Can vegans drink coffee? Generally speaking, yes – black coffees are vegan.
However, there are a few exceptions, and what you put in your coffee could make it less than vegan friendly.
We’ll go over these topics and more in this dietitian written article!
Disclaimer: This article is only providing information and is not a substitute for medical or dietary advice. Always talk to your doctor about any health concerns, if you want to make major dietary changes, or take a supplement. See our Disclaimers for more details.
This post was originally published on 1/21/22. The updated date is listed above.
Is Coffee 100% Plant Based?
Most coffee is 100% plant based-in other words, it is typically vegan friendly.
Coffee beans/grounds are derived from specific flowering plants of the coffea genus(1).
Here’s the Merriam-Webster definition of coffee:
“1. a: a beverage made by percolation, infusion, or decoction from the roasted and ground seeds of a coffee plant
b: any several old world tropical plants (genus Coffea and especially C. arabica and C. canephora) of the madder family that are widely cultivated in warm regions for their seeds from which coffee is prepared
c: coffee seeds especially roasted and often ground
-compare ARABICA, ROBUSTA
d: a dehydrated product made from brewed coffeeSource: https://www.merriam-webster.com/dictionary/coffee
also: a beverage made from this”
Based on that definition, it’s hard to argue that instant coffee and regular (as well as decaf) beans and grounds aren’t vegan- with at least a couple exceptions:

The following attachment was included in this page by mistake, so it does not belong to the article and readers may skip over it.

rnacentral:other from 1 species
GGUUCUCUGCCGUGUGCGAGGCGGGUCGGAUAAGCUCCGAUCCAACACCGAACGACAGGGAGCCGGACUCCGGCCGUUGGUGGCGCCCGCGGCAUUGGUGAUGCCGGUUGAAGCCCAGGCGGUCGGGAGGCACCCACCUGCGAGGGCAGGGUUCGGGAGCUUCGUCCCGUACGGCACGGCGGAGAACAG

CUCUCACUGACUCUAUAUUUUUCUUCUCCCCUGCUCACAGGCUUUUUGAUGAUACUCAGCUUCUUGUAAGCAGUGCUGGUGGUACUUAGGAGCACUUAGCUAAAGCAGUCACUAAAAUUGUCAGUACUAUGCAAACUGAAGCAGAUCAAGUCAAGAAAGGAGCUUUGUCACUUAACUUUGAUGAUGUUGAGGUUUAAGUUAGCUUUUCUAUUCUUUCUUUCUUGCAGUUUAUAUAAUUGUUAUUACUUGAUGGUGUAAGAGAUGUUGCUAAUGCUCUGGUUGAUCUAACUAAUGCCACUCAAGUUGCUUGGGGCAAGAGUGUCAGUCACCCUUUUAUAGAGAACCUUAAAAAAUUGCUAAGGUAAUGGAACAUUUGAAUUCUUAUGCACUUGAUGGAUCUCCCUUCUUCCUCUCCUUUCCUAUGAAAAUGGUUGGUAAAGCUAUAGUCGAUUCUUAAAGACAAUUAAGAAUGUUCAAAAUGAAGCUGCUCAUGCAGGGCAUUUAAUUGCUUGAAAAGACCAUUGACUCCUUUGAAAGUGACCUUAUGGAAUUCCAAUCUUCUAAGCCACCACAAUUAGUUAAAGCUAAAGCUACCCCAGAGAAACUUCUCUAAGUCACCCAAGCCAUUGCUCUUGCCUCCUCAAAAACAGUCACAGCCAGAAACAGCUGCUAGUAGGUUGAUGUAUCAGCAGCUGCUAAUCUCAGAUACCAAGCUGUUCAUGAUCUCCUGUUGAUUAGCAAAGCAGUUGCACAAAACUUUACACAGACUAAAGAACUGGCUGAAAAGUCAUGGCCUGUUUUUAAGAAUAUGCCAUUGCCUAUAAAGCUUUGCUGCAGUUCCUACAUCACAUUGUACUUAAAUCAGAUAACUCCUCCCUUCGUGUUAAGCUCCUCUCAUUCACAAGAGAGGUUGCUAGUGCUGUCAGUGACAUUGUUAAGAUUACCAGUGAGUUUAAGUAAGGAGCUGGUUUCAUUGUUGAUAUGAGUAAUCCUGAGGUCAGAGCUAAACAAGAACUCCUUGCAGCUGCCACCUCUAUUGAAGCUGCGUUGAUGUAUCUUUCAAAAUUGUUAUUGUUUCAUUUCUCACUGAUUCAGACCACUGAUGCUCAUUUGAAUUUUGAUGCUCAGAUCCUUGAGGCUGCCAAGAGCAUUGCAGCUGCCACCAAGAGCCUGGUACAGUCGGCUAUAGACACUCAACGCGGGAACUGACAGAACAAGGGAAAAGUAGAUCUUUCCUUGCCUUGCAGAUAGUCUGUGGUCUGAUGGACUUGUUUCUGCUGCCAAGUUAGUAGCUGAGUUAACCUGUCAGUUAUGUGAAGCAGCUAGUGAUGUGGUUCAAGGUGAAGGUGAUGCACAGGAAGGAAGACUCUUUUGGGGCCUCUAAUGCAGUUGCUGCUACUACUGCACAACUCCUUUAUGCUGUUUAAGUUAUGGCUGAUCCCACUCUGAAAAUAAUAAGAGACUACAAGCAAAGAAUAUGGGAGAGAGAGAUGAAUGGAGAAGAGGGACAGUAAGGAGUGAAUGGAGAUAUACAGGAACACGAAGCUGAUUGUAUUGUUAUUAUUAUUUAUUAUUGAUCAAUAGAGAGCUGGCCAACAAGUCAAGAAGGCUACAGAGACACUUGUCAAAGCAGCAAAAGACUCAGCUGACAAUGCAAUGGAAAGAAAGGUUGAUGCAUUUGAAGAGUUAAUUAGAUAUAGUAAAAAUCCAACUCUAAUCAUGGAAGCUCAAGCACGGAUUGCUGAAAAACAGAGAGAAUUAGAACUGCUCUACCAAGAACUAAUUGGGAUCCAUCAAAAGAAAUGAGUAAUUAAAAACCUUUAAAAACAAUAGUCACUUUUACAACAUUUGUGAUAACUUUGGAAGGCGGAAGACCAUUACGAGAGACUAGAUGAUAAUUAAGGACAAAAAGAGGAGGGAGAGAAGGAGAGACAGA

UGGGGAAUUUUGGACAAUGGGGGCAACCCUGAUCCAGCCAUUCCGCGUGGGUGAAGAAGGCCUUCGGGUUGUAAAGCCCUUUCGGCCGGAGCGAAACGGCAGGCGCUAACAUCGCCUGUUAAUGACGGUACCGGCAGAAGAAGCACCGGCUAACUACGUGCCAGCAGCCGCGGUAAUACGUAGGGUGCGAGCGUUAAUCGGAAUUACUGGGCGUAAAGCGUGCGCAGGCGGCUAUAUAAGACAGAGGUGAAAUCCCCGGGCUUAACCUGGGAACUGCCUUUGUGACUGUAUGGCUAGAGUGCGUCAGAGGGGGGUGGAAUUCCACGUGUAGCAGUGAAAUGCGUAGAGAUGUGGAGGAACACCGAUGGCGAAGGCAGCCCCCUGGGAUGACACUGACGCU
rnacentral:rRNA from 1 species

Coffee That is Not Vegan friendly
1. Kopi Luwak
Commonly referred to as the world’s most expensive coffee, Kopi Luwak (or civet coffee) involves the use of animals.
Specifically, it uses an mammal called the Asian palm civet to eat coffee cherries(2). The resulting defecated product is then sold at a high price, with one source suggesting about $100 to $600 a pound(3).
Accordingly, for this industry to be successful, the civets must be captured and force fed the coffee cherries.
There have even been reports of civets showing signs of zoochosis (different behaviors noted in captive animals).
You can learn more about cruelty on civet farms in this PETA article/video.
In Summary: Kopi Luwak- not vegan.
2. Black Ivory Coffee (Maybe?)
Black Ivory coffee is another very expensive coffee that involves the use of an animal. This time- Thai elephants.
These elephants are fed the coffee cherries and then the deposits are used to make a product. The Black Ivory Company states that some of the purchase money supports the Golden Triangle Asian Elephant Foundation as well as those who care for the elephants(4).